13 November 2010, Arab News
High oil prices are hindering economic recovery and it would not be in the interest of the oil-producing OPEC states to see oil above $90 per barrel, the chief economist of the International Energy Agency (IEA) said. Asked if the current price of oil was starting to damage the economy, IEA chief economist Fatih Birol told Reuters on Monday: "At these high levels of prices, it would definitely be a problem for economic recovery. This may well strangle the economic recovery of many countries." Asked if he though OPEC would change supply if oil prices topped $90, Birol said: "I think if it goes above $90 it is not a good thing for OPEC countries as well."
12 November 2010, Petroleum Economist
When Fatih Birol speaks, the world listens. And when he lets his annual World Energy Outlook (WEO) speak, it is taken all the more seriously, as this is regarded as the almanac of the energy world, which is anxiously and eagerly awaited all around. The focus of WEO 2010 was clearly on two issues: the emerging, dominant role of China in the global energy equation and the faltering climate battle. Chinas increasing appetite for energy will drive rising global energy demand over the coming decades, putting the country in a position to mould the future of both energy security and alternative energy sources. “I see a double role for China in the future,” Birol said in rather clear terms.
11 November 2010, Financieele Dagblad, Netherlands
Chinese and Indian energy demand are set to grow rapidly - and this will almost double the price of oil within the next 25 years, forecasts the International Energy Agency (IEA). Now the Organisation is asking above all for government support to back up solar, wind and other renewables. The IEA asked governments to increase support for energy efficiency as well as to push low-carbon technologies. “We have to leave fossil fuels by switching to technologies that emit much less carbon dioxide into the atmosphere”, said IEA Executive Director Nobuo Tanaka.
11 November 2010, European Energy Review
Unconventional oils share of world crude supply could rise above 10% by 2035, helping offset weaker conventional output, amid a sharp rise in Asian demand, says the International Energy Agency (IEA). "We expect crude oil production to reach a plateau in the next few years from existing [conventional] fields, but global oil demand will increase, driven by China, India and the Middle East," says the agencys Chief Economist Fatih Birol. Canada would be responsible for a "significant contribution" to maintaining global oil production levels, he adds
11 November 2010, De Telegraaf, Netherlands
The IEA experts consider that gas will play a key role to satisfy this demand [pulled by emerging economies] and that a golden era for gas will materialise if coal, its main rival to generate electricity (but emitting twice more CO2), is to face up carbon tax.
11 November 2010, Le Monde, France
The International Energy Agency (IEA) yesterday said crude could exceed $200 by 2035 as the worlds conventional output flattens unless governments curbed consumption. "The message is clear: the price will go up, especially if consuming countries do not make changes in the way they consume oil, especially in the transport sector," Fatih Birol, the chief economist of the IEA said as the agency released its 2010 World Energy Outlook.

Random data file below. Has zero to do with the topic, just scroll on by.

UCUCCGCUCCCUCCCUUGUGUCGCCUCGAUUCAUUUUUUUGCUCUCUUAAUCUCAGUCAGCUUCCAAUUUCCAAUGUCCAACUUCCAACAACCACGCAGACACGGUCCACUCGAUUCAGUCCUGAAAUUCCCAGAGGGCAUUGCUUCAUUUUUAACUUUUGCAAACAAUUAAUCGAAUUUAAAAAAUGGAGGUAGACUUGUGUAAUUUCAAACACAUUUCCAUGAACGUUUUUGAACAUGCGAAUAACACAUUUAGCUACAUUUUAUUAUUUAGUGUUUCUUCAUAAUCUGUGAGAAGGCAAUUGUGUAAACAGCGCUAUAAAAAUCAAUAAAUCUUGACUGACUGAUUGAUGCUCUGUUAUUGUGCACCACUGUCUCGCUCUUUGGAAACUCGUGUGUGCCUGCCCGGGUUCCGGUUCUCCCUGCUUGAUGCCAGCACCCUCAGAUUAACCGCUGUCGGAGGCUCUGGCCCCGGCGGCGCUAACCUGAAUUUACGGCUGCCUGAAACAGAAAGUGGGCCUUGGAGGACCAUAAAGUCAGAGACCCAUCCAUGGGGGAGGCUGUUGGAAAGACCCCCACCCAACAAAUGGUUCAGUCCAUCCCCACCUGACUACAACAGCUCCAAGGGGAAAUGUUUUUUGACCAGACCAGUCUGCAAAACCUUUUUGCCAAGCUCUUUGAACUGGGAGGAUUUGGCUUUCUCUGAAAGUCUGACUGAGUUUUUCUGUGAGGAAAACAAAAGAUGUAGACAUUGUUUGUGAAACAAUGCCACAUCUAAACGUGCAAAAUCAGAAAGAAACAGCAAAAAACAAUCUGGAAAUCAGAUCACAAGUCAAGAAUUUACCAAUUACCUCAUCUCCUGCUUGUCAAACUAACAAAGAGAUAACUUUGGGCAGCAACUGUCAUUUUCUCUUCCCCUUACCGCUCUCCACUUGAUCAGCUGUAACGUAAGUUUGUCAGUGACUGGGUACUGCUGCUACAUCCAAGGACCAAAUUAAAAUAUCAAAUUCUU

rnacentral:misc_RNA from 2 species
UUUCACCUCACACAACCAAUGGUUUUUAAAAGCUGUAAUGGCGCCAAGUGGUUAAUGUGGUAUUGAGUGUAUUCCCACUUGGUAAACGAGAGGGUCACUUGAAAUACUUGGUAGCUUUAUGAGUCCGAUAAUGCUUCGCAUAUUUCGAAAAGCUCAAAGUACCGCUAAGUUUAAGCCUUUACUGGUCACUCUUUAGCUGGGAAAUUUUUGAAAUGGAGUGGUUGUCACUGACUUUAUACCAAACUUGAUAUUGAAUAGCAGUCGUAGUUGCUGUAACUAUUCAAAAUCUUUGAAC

10 November 2010, Tehran Times, Iran
The energy statistics organisation has previously predicted an abundance of gas for five years due to new "shale" reserves being exploited in the US and the growing ability of gas companies to ship the fuel in liquefied form (LNG). However, the IEA now believes the glut could last a decade and keep prices lower for longer according to latest findings of World Energy Outlook 2010, released yesterday. In its annual World Energy Outlook, the IEA also predicted that oil prices would reach only $113 per barrel by 2035 adjusted for inflation – well below other expert predictions. It also issued a warning that the cost of failing to reduce CO2 has already hit $1 trillion and will only continue to rise.
10 November 2010, The Telegraph
Where will the new energy demand in the next twenty-five years? Fatih Birol, chief economist of the International Energy Agency (IEA) replied during the launch of World Energy Outlook: "I would say it will be five areas of the world. China, China, China, Middle East and India." This is the most striking aspect of the scenarios sketched by the agency in the new edition of the IEAs World Energy Outlook, presented yesterday in London. China, which the IEA has just stolen the sceptre of the United States more energy-intensive country in the world, is still far from stable consumption: by 2035 its electricity demand expected to triple, prompting Beijing to build new power plants for additional installed capacity of approximately the equivalent of the entire network of the United States.
10 November 2010, Il Sole 24 Ore, Italy
Global oil supplies will come close to a peak by 2035, when prices will exceed $200 a barrel, the International Energy Agency said in its 2010 World Energy Outlook. The conventional crude output has already peaked and will flatten in the next 10 years, boosting reliance on costlier unconventional sources such as oil sands. Oil prices will rise even further if governments dont act to curb consumption, the agencys chief economist and lead author of the report, Fatih Birol said.
10 November 2010, Edmonton Journal, Canada
China will drive a global surge in energy demand over the next two decades, with the country expected to account for more than a fifth of world demand by 2035, according to the International Energy Agency’s World Energy Outlook 2010. The greatest driver for oil demand will come from the transportation sector, according to Fatih Birol, the IEA’s chief economist.